Lincolnshire County Council’s economy chief wants the region to attract £1 billion a year from tourism in the next decade.
Tourism in the county is currently worth around £600 million a year to the local economy.
Around 20 million tourists visit the county every year, according to Visit England, with Lincoln Castle, Skegness and other coastal resorts among the popular attractions.
But Councillor Colin Davie, executive member for economy and place, said it is “possible” for the region to bring in more.
It comes as the county council launched a new marketing campaign for the Lincolnshire coast in an effort to boost tourism figures.
The coastline now has its own site, as well as a promotional video and brochures advertising the area.
The idea is to promote the coast as a “year round” tourism destination, rather than a seasonal break.
Councillor Davie said the authority “had not been great” at selling the coast and that it was now important to boost tourism and the local economy.
“The selling of Lincolnshire at every level is incredibly important,” he said.
“When you ask people what they want when looking for a new job, it’s a quality of life. It’s about quality of schools, the quality of leisure and if there is a beach nearby.
“We have got all of this, but we haven’t been great in the past at telling people about it and I’m absolutely determined to bang the drum for Lincolnshire.”
He added that it was important to promote the coast in order to sustain the local economy and offer “year round employment”.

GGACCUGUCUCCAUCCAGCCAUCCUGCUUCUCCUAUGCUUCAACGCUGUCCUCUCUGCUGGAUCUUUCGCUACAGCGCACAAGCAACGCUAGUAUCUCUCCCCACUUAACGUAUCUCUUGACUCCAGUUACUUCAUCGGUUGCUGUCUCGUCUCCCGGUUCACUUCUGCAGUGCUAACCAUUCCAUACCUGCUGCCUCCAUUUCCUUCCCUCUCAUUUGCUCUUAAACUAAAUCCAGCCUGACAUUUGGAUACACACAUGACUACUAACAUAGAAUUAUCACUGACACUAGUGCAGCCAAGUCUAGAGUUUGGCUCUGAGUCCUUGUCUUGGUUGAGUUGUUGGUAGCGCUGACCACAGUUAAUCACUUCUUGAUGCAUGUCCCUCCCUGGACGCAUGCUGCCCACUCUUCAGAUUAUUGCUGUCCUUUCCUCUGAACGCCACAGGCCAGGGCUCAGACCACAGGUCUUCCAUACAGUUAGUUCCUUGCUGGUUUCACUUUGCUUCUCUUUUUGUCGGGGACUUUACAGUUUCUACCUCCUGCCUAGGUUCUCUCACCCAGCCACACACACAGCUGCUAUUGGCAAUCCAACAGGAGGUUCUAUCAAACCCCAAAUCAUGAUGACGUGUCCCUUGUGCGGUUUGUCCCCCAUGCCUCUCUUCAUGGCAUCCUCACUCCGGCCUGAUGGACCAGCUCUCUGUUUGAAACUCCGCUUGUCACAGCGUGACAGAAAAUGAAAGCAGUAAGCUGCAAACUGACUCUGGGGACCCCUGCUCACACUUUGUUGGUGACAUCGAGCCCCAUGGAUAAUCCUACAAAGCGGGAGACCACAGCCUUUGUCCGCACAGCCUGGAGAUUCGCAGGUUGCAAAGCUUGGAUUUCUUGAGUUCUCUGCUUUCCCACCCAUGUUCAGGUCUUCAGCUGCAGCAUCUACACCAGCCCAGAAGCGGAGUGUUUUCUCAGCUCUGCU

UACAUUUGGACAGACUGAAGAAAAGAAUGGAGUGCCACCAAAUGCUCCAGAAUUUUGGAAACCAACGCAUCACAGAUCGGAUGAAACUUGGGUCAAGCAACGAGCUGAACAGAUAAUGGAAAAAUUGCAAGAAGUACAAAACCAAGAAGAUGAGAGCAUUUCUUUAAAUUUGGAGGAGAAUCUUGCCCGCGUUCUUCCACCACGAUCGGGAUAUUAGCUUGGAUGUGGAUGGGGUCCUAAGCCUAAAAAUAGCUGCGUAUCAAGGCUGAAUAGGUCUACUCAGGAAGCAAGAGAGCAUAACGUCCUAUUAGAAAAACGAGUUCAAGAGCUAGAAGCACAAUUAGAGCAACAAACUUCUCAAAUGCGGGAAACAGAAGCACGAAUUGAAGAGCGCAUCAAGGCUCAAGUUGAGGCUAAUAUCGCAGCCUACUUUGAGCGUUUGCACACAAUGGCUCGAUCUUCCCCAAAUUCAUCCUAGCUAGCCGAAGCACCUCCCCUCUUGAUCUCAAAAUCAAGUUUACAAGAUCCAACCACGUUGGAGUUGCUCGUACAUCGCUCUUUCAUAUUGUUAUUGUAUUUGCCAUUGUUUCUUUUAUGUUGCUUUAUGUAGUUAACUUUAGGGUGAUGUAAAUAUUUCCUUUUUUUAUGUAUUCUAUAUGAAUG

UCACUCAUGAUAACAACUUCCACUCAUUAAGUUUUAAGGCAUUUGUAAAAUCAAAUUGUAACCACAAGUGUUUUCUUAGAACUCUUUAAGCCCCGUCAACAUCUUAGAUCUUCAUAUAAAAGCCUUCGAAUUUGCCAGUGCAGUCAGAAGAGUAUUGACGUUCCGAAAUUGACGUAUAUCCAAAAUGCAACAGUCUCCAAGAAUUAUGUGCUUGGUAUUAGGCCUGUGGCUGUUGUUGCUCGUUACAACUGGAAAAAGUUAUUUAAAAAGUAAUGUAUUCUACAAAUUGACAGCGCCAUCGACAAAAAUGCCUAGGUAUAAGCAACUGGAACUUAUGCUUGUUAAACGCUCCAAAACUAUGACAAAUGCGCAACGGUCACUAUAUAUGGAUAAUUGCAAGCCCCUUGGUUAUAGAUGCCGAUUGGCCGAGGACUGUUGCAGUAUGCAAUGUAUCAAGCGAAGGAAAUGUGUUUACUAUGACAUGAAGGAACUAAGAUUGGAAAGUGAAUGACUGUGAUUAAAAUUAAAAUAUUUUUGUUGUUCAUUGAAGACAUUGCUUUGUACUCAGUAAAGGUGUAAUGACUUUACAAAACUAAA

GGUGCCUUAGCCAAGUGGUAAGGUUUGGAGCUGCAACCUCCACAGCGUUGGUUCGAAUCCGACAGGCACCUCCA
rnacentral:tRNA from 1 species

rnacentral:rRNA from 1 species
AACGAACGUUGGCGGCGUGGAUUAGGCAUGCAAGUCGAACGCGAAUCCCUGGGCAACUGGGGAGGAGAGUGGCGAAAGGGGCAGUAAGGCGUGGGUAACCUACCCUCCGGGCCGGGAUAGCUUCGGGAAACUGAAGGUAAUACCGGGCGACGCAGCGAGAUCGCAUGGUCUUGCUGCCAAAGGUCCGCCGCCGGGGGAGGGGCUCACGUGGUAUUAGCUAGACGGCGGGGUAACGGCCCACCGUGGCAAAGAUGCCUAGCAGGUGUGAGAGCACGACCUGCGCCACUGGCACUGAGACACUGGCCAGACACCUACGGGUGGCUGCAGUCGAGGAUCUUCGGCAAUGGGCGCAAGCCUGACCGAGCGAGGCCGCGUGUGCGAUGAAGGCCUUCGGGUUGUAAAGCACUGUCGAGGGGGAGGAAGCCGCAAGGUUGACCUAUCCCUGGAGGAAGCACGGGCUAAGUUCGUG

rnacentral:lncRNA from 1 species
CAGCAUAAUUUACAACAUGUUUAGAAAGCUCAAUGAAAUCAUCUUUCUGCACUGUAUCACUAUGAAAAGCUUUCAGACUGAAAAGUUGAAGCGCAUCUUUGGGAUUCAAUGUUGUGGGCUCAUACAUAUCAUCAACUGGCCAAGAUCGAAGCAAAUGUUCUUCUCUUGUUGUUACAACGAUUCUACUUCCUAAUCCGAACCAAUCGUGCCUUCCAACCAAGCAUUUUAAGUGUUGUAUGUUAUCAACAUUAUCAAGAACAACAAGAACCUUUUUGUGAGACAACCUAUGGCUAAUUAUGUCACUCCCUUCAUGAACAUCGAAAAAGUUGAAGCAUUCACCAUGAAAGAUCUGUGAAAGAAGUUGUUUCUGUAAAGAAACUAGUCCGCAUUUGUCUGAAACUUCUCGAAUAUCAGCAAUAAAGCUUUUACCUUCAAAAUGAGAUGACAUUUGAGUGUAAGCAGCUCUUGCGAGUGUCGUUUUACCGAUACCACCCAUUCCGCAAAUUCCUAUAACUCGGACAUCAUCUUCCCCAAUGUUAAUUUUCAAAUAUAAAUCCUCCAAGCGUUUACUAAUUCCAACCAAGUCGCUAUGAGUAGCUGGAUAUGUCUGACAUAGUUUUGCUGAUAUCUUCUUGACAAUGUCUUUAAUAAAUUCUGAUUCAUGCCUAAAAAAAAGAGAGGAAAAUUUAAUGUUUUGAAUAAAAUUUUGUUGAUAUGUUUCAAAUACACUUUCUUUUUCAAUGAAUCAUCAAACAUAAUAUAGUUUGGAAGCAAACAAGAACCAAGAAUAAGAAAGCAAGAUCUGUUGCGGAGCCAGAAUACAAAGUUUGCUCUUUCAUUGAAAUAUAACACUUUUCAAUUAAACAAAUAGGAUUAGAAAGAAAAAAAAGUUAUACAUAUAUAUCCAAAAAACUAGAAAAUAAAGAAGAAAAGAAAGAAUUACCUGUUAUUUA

“Ultimately, it is about people having year round employment and getting rid of the seasonality of the coast that causes so many problems both socially and economically,” he said.
“At the moment the tourism is worth £600 million per year, I would like to see that get to £1 billion in the next 10 years if we can, I think it is possible.”
Mary Powell, tourism manager at the county council, said the coast was “much bigger” than a school holiday market.
She said the authority’s research into tourism showed that people were “oblivious” that the coastline offered more.
“I would like to see good all year round visitor figures,” she said.
“That traditional beach market which is only good for the school holidays, I think the natural coast is much bigger than that.
“For many businesses, they’ve got to operate year round. Somewhere like the cafe at the North Sea Observatory want customers every day of the year.”
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